We saw less of this, happily, in 2015 than during the depths of the recession, but for firms in this situation, there still was an answer: the sale of active accounts in a deal structured as a tuck-in. Even when our evaluation of assets reveals that the company’s material property isn’t worth much, we counsel that the book of business is always worth something. This means that in good years or bad, there is always an alternative to just shutting the doors.
Don’t Rule Out Private Equity Investors
As the strongest year the industry has seen since the end of the downturn, 2015 held a few pleasant surprises. One of them, already mentioned, was the increased participation of private equity investors. A few years ago, we never would have guessed that these entrepreneurial financiers would be as involved in printing industry M&As as they are now. That’s a sign of renewed confidence in the sector, as is the rise in EBITDA multiples being paid for the most competitive firms.
Personally, we can look back on a year marked by numerous deals that were exceptionally satisfying. In one of them, the buyer moved swiftly to make organizational improvements that did not involve a heavy investment in new equipment. By maximizing the existing potential of the acquired firm, the buyer gave it a new lease on the future in less than a year—an outcome that left everyone smiling, including the employees.
Another client is the former president and a co-owner of a company purchased by a larger firm that asked him to stay on in an executive management role. By selling, he kept his ties with the business he helped to build and gained a new professional challenge he finds fulfilling. It’s more evidence that for sellers, M&As can be as much about new beginnings as they are about final chapters.
Year-end predictions always contain a certain amount of guesswork, but as M&A advisors, we like what we think we see ahead in 2016. The industry and the economy as a whole continue to improve modestly but measurably. Confidence is solid. Owners are more open to the possibilities of growth by acquisition if they are buyers or a profitable transfer of ownership if they are sellers.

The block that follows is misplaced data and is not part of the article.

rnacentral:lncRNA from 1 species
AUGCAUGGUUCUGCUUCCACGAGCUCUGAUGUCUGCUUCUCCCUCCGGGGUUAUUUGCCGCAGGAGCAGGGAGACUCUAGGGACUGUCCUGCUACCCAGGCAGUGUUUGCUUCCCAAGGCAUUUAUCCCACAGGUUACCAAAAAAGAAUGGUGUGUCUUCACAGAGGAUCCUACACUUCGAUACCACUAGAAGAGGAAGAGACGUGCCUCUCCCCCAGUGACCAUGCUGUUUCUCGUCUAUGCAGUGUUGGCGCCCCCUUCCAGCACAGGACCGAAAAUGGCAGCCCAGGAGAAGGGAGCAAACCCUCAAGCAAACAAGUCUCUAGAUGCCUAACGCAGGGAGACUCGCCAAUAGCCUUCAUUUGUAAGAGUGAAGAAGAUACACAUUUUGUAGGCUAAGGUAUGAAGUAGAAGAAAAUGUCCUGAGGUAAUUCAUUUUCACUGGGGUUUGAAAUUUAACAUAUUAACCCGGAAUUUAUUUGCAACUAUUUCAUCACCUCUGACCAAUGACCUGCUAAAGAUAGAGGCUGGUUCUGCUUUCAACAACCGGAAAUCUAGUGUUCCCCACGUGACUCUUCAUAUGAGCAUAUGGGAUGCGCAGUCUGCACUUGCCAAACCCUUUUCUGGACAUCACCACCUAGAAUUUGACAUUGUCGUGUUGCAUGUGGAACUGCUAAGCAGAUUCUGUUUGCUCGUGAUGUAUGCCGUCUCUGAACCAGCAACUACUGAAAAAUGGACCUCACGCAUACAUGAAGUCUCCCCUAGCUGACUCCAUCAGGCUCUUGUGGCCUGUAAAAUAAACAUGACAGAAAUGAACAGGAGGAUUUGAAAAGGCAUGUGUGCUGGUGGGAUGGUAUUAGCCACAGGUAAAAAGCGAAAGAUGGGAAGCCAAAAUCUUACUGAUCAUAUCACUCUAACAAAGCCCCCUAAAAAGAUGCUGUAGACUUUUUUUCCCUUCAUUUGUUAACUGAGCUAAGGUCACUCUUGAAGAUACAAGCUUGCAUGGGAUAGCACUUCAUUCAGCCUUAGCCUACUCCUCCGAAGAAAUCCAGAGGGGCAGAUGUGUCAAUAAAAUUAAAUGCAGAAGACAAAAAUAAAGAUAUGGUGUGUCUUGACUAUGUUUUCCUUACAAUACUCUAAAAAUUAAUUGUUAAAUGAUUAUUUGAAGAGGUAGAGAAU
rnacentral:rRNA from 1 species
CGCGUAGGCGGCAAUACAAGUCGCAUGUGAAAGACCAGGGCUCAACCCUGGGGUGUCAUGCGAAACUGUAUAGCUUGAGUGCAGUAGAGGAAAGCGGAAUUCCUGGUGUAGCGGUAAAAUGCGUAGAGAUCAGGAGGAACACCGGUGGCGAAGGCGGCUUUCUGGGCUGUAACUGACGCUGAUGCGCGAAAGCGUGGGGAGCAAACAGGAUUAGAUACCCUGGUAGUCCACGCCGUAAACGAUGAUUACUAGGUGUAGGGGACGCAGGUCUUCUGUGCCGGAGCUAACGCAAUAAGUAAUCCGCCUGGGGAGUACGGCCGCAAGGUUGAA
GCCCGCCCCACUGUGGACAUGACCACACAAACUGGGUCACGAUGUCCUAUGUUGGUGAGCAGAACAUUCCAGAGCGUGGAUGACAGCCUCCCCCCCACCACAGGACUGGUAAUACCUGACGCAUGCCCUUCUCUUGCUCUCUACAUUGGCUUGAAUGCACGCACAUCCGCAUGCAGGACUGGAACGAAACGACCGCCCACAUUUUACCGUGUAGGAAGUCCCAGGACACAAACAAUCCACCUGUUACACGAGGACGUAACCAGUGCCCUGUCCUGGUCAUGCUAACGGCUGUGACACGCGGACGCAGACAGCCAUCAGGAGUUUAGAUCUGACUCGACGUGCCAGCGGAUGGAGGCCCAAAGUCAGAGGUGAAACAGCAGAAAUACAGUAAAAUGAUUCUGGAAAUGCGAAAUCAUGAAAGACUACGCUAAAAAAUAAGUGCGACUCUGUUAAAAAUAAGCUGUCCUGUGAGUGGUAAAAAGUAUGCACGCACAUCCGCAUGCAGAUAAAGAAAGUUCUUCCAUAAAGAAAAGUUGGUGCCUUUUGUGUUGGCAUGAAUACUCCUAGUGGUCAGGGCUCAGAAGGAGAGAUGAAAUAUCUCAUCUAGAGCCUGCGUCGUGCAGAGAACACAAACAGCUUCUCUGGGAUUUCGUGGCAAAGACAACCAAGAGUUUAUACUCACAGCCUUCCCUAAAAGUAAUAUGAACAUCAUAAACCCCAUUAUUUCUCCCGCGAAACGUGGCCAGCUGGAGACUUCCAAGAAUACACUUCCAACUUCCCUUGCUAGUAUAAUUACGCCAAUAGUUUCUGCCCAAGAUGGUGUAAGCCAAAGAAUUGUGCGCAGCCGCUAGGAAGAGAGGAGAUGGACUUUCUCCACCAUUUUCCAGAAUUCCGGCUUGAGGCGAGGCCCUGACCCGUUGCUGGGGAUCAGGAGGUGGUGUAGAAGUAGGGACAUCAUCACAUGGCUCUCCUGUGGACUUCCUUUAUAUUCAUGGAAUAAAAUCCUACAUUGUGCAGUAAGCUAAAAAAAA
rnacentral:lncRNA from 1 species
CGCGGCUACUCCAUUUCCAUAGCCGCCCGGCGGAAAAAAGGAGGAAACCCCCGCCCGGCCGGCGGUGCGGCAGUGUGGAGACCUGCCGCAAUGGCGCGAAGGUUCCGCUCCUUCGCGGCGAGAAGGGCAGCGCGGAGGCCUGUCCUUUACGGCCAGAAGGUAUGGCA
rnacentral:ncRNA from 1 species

In short, we should all have interesting times to look forward to on the M&A front as of Jan. 1, 2016. New Direction Partners sends its best wishes to clients, readers and friends for the holiday season and the new year. PI
About the Authors
Albert J. Reijmer and James A. Russell are partners in New Direction Partners (NDP), the leading provider of advisory services for printing and packaging firms seeking growth and opportunity through mergers and acquisitions. NDP assists its clients by giving them expert guidance and peace of mind at every stage of the process of buying or selling a printing or packaging company. Services include representing selling shareholders; acquisition searches; valuation; capital formation and financing; and strategic planning. NDP’s partners have participated in more than 300 mergers and acquisitions since 1979. Collectively they possess over 200 years of industry experience with transactions in aggregate exceeding $2 billion. For information, email email@example.com
James A. Russell is a partner in New Direction Partners (NDP), the leading provider of advisory services for printing and packaging firms seeking growth and opportunity through mergers and acquisitions. NDP assists its clients by giving them expert guidance and peace of mind at every stage of the process of buying or selling a printing or packaging company. Services include representing selling shareholders; acquisition searches; valuation; capital formation and financing; and strategic planning. NDP’s partners have participated in more than 300 mergers and acquisitions since 1979. Collectively, they possess more than 200 years of industry experience with transactions in aggregate exceeding $2 billion.
For information, email firstname.lastname@example.org.